recording problems after international move

Hi. Since early 2016 I have been happily using Audacity 2.1.2 on an HP Envy laptop running windows 10. My audio hardware had been 2 Samson dynamic mics (Shure SM58 knockoffs) for stereo recording with an Alesis io2 interface. It’s a cheap and rudimentary setup but it’s served my modest musical and engineering skills well.

I have recently moved from the US to Lebanon. While here I decided to upgrade my mics to a pair of MXL990 condensers. All other equipment and software remained the same. The first time I tried the MXLs out (which was also the first time I tried recording in my new location) I noticed that the resulting recording was slower than the original. File 1 is an example; the guitar is playing a pattern in D (or so) but sounds like a C; a full tone lower than live. In addition, when recording a second guitar part as an overdub I found that the second track has electronic clicks, hiccups and buzzing which on top these annoyances causes the new track to fall out it synch. File 2 is a sample of the second guitar track alone, and file 3 is the two tracks together.

For comparison, I also tried my old Samson dynamics and the result was the same—a slowed down and artificially noisy recording. A sample of this is file 4 (volume differences is actual.)

Can anyone help by venturing a guess what’s the cause of my problems (and if they can, if there are any suggestions to resolve them)? I have used this Audacity version after moving from the US to a 220v country before with the same laptop without any similar experience. Not, however, with the same audio hardware.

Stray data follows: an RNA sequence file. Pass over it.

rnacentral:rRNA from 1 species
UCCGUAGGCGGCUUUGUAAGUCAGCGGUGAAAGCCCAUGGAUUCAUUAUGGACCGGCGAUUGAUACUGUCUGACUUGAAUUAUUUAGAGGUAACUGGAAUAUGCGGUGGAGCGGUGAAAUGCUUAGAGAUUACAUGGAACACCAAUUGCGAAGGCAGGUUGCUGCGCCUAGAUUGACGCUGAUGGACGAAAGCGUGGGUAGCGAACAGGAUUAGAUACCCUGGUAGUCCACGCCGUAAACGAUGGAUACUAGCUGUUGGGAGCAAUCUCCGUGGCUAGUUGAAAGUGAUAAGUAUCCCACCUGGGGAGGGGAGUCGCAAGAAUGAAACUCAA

In case it helps, recording with the mic internal to the laptop results in no discrepancies or exraneous noises.

I’ve read the suggestion that upgrading to the latest release of Audacity can solve many issues. I’d prefer not to go that route yet as I’m familiar and comfortable with the version I’m using, and I’ve been getting good results from it. Until now, of course.

Thanks for any responses.

The current version of Audacity (2.3.3) can tell you if you’re getting [u]dropouts[/u] during recording, which can cause glitches and speed problems.

Dropouts are related to multitasking. Your operating system is always multitasking but it helps to minimize the number of applications & background operations that are running, and you can increase buffer size/latency to help prevent buffer overflow.

Thanks for the suggestion. I tried again with no other apps or programs open and internet disconnected, but the result was the same. I’ll try increasing buffer size over 100 milliseconds next and see what happens. If there’s still no improvement I’ll upgrade to 2.3.3 in case that’ll make a difference.

I should add that I did try a recording project in October, two months after my arrival here, and it worked fine. 220v power apparently is not the cause. Nothing else has changed either in the program or my OS between then and the onset of the present problem; the only hardware difference is the mic upgrade. The fact that recording with the built-in mic is as good as before indicates, I think, the issue is between the interface and Audacity. But I don’t understand what could have changed, or why or how.

Try changing the Audacity project-rate from the default 44100Hz to 48000Hz before recording.

Thanks. Unfortunately changing the project rate likewise made no difference.

I wish I can figure out what might have happened between October, when all was working well, and January, when this issue started. I’m on the one hand starting to wonder if the problem is in the interface, and on the other hand, why would it be. What can affect Audacity connecting with an interface? It has nothing to do with the computer’s sound card, right? The interface is supposed to bypass that, I thought.